The Hidden Dangers Of Running

Overtraining excessive running
Written by John Fawkes

According to exercise guidelines, you should get at least 150 minutes of exercise per week — and running is generally considered one of the healthiest ways to achieve that. However, there is evidence that excessive running can cause damage to the heart. In a few extreme cases, runners have died of heart attacks during events. 

One study found that people who jog live longer than people who run at high speeds, while some studies have even found that excessive running is just as bad as no exercise at all.

So what gives? How much running is too much, and how hard is too hard? Let’s look at what the research has to say. 

The Dangers of Excessive Running

First things first: yes, it is possible to run too much. It’s just a question of how much is too much. Too much exercise can lead to overtraining — a state of chronic stress and fatigue that occurs when you overtax your body, exceeding its ability to recover from strenuous exercise. 

When you become overtrained, you stop making progress. Your strength goes down, your mile time goes up. You get slower, weaker, tired. Your mood worsens, and you get sick more often.

Despite the name, overtraining is not purely caused by training too much, or too hard.

Rather, overtraining results from a combination of many factors: too much training, too much life stress, lack of sleep, under-eating, illness and nutrient deficiencies. 

It also depends on training status — the more experienced you are at running, the more of it your body can take. Novice runners might only run 10 miles in a week, spread over several days. Elite runners, on the other hand, will typically run twice a day when preparing for a race — between 100 and 130 miles per week. And that’s in addition to cross-training activities such as swimming and weightlifting. 

Do Runners Live Longer?

That still leaves the question of how running affects your lifespan. Will excessive running cause you to die young?

It is true that too much can be bad for your heart (some research suggests that regular marathon running increases the risks of an abnormal heartbeat, damage to heart tissue and hardening of the arteries), and even runners can still develop heart disease. Runners occasionally even suffer heart attacks during races, but this is extremely rare, happening only a few times a year worldwide.

The Latest Research on Excessive Running

But the studies that call into question the healthiness of running all have one major flaw: they’re purely correlational, and can’t demonstrate causation. It may well be that many people who run a lot are doing so precisely because they’re unhealthy or overweight to begin with and trying to get healthier. 

The fact remains that the overwhelming majority of studies have found that running is associated with a longer lifespan.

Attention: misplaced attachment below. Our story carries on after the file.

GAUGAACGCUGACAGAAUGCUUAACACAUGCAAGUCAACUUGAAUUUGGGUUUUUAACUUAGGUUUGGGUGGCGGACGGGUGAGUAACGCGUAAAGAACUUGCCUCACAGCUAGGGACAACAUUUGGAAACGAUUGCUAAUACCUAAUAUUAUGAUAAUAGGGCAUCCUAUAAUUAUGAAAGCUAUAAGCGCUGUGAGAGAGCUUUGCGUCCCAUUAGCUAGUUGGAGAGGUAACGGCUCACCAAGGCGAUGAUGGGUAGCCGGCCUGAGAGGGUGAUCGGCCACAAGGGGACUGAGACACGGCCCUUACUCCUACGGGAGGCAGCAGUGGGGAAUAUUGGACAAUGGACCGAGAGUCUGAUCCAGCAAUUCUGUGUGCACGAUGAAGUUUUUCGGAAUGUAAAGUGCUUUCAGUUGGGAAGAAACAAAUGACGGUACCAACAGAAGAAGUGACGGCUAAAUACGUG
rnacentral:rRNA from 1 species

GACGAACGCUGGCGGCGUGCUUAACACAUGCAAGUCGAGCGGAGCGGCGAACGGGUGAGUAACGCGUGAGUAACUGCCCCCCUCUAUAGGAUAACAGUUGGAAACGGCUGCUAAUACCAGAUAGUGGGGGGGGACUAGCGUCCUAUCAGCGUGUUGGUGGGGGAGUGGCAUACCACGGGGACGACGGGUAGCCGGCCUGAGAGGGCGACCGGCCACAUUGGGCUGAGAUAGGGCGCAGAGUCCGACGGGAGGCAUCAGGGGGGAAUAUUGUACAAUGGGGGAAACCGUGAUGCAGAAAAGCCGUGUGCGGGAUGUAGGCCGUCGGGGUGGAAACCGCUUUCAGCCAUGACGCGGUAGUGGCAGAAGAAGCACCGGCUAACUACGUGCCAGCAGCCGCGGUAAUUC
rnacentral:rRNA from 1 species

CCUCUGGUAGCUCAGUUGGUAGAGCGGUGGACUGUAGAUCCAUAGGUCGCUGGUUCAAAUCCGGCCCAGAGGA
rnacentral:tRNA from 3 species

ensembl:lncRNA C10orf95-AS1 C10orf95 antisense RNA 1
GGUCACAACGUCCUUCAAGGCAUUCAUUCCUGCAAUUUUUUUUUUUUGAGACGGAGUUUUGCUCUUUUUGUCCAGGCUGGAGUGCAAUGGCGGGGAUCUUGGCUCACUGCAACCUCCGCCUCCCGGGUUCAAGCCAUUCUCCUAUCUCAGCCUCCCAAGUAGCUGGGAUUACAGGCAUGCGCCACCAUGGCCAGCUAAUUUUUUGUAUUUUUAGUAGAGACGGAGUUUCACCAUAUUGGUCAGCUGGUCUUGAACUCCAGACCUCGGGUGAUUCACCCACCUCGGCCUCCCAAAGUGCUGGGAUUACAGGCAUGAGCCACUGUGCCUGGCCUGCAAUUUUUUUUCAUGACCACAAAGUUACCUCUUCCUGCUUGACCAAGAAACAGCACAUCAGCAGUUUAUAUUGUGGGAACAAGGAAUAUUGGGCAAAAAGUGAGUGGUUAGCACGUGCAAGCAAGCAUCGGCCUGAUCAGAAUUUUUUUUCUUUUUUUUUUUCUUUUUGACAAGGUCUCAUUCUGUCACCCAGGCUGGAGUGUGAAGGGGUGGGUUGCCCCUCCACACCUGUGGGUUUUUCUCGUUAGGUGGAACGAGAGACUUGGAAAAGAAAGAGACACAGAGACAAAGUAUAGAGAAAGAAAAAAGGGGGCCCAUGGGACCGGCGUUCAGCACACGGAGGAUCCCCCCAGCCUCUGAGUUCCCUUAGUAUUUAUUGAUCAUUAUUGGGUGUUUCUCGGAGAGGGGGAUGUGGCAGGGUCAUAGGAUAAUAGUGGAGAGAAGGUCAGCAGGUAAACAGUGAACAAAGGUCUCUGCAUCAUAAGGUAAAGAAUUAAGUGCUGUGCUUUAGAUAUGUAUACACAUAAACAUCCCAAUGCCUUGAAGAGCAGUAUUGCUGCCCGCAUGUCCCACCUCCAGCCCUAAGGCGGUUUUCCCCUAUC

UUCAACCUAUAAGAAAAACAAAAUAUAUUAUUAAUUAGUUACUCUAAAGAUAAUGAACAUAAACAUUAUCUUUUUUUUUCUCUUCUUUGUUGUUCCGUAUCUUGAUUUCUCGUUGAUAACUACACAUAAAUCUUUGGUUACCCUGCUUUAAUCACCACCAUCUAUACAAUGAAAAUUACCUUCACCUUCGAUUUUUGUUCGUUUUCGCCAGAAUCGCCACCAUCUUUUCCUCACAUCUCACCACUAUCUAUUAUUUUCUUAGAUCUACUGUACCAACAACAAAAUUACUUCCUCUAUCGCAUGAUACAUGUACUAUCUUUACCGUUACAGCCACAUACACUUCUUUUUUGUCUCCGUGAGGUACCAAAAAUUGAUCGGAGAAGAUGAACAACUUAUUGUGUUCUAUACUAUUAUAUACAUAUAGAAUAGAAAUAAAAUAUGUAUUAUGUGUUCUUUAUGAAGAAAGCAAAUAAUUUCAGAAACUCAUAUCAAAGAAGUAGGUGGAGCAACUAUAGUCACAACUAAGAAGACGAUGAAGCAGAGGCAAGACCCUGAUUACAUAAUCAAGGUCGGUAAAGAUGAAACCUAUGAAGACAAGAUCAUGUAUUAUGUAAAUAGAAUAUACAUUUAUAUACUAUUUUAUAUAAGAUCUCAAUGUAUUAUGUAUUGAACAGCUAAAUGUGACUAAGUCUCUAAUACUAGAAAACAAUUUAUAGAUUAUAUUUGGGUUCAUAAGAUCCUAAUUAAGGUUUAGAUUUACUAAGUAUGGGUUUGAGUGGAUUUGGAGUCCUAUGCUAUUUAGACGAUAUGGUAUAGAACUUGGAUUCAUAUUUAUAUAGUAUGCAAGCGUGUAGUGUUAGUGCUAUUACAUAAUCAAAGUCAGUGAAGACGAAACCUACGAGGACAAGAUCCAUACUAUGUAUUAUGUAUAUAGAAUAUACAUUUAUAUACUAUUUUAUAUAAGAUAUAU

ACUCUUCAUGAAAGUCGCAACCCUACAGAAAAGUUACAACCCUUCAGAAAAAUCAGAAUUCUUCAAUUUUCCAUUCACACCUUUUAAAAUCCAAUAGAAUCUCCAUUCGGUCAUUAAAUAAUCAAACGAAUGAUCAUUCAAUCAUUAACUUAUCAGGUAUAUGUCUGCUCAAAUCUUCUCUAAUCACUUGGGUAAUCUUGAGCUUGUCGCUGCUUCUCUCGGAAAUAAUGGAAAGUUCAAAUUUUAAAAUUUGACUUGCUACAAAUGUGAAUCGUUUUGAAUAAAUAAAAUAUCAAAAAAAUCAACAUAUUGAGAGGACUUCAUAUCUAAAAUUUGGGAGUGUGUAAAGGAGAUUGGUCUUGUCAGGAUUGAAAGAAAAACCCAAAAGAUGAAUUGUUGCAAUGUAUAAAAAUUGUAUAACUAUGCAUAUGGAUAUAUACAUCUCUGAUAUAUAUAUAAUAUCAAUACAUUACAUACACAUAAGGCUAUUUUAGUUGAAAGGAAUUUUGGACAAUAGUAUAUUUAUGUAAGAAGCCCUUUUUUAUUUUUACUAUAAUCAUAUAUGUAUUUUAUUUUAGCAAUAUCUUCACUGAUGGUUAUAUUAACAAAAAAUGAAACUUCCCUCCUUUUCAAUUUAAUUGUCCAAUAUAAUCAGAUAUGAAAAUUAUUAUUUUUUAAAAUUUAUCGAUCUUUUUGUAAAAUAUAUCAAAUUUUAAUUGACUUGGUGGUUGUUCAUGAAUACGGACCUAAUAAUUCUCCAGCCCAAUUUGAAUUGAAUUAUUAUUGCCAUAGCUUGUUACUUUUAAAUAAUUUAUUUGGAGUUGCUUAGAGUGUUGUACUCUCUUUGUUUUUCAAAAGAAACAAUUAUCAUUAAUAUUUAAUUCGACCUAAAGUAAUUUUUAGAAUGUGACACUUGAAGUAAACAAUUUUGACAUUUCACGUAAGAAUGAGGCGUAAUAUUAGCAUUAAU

Even elite runners, who run over 100 miles most weeks, consistently live longer than average — however, they may not live longer than people who only run recreationally.

But while cardiologists involved in the studies say that competitive runners shouldn’t curtail their running, they do say there’s no need for moderate runners to extend their jogs in the hopes it will improve heart health.

“It appears that most people can get maximum health benefits with relatively low amounts of exercise, and that’s comforting,” exercise researcher Dr. Carl Lavie, medical director of Cardiac Rehabilitation and Prevention at the John Ochsner Heart and Vascular Institute in New Orleans, told the Boston Globe. “You don’t need to push it longer and harder if you’re trying to make yourself as healthy as you can be.”   

Running is also associated with greater health benefits than resistance training, i.e. weightlifting. However, since resistance training has its own unique benefits, like increased bone density, the healthiest course of action is to combine both — lift weights a few days a week, and run or jog a few miles several times per week. 

How to Avoid Dangers of Running

Running doesn’t need to be avoided, but moderation is key.

Let yourself have at least one rest day a week when you don’t run, and don’t force yourself to keep going past the point of exhaustion.

If you start to feel fatigued, sore and in a bad mood for several days in a row, or if you find that your progress stops or even reverses, you may be overtraining. In that case, the best thing to do is take two or three days off. If you find the extra time off improves your running, that’s a sure sign that you need to take things a little easier. 

Remember, also, that not training too much is only half the solution — the other half is sleeping eight hours a night, minimizing stress and eating plenty of healthy food.

Ultimately, it’s about listening to your body — you should be running, but more isn’t always better.

About the author

John Fawkes

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